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Diana, Goddess of the Hunt for Ancestors!
 
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George STROOP II
Ms. __?__
Husband:  George STROOP II
Birth:  1804/5, PA
Death:  Jan 1854, Perry Co., PA
Occupation:  newspaper owner/editor
Father:  George STRUPP / STROOP I
Mother:  Barbara REIM
Marriage:
Wife:  Ms. __?__
Birth:  ca. 1808/9
Death:  ca. 1835/6
Children born in PA, presumably in Perry Co., PA:
1.  Jane STROOP, b. 1833/4
2.  George STROOP III, b. 1835/6
Keywords for search engines:  genealogy; USA, US, United States, Pennsylvania

Sources:

1.  Marriage Record:

2.  1830 Census Index/Images (online at Ancestry.com):  not found, but he may not have been married yet.

3.  1840 Census Index/Images (online at Ancestry.com):  can't find, and I really looked, including page-by-page checks of Bloomfield, Centre Twp., and Tyrone Twp. in Perry Co., PA.  Given that George was probably a widower his youngest child was born in 1835/6 he was probably living with another family, so did not get enumerated as head-of-household.

4.  1850 Census Every-Name-Index/Images (online at Ancestry.com; Image #11 of 14):  Borough of Bloomfield, [Centre Twp.,] Perry Co., PA, Roll, p. 428A/873, 72/84, enumerated 4 Sep 1850, official enumeration date 1 Jun 1850 (extracted by Diana Gale Matthiesen):¤
George Stroop 45 M   Editor   Pa
Jane      " 16 F       "
George    " 14 M       "
John M Laird? 16 M   Printer   "

5.  Harry Harrison Hain.  1929.  History of Perry County, Pennsylvania.  Hain-Moore Co., Harrisburg, PA (online at HeritageQuest at Genealogy.com):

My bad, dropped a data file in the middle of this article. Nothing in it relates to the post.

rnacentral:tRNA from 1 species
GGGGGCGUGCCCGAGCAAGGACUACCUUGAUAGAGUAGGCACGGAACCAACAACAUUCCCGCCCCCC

p. 341 CARSON LONG INSTITUTE, FORMERLY NEW BLOOMFIELD ACADEMY...
p. 342 [Paraphrasing: George Stroop was one of the founding directors of "The Bloomfield Seminary" in 1837.]
p. 476 The Liverpool Mercury, called after a paper in Liverpool, England, of the same name, was the second paper to be established in Perry County.  It was started by John Huggins, of a then prominent family in eastern Perry County.  It was started July 1, 1831, and was a five-column, four-page paper.  The subscription price was $2 per year.  In Jun, 1836, it was moved to New Bloom field, and published by James B. Cooper, who then owned it, as The Mercury and Perry Intelligencer.  He sold to Stroop & Sample, who merged it with the Perry County Democrat.

George Stroop and James E. Sample, on Octoer 7, 1836, started the publication of The Mercury and Perry County Democrat, a five-column, four-page paper.  In December of the same year it was made a six-column paper.  Sample retired November 16, 1837, and from Stroop, who was an associate judge of the county at one time, in January, 1854, it passed to his son, George Stroop, and John A. Magee, a son of the early proprietor of the Forester.  In 1858 Stroop sold his interest to Magee, whose son, James S. Magee is the present owner...

p. 484 Several other county seat editors long stood out prominent in the annals of Perry County.  Two of them, John A. Magee and John H. Sheibley, were born in the same year, 1827, and throughout their long lives were close friends, although they represented opposing political parties.  John A. Magee was a son of Alexander Magee, editor of Perry County's first paper, The Forester, and Sarah (Crever) Magee.  His common school education was supplemented by a course at the Bloomfield Academy.  In 1854 he
p. 485 entered the office of George Stroop, then editor of the Perry County Democrat, to learn the printing trade.  He then followed printing elsewhere, after completing his trade, and taught school for a short time.  He was working as a journeyman in Washington, D.C., in 1853, and when George Stroop died in 1854, he and George Stroop, Jr. purchased the Democrat, Mr. Magee later (in 1858) securing entire control.  He served in the Pennsylvania Legislature during the session of 1862-63 as assemblyma.  In 1872 he was elected to Congress from the district composed of Perry, Cumberland and York Counties.  He conducted the Democrat until his death, November 18, 1903.  The Democrat under John A. Magee was noted for its strong and able support of democracy and all public policies.
p. 1042 An act of the Pennsylvania Legislature, dated April 4, 1838, provided for the building of the first bridge "at the Juniata's mouth," and named George Stroop [and 15 others] as stockholders.

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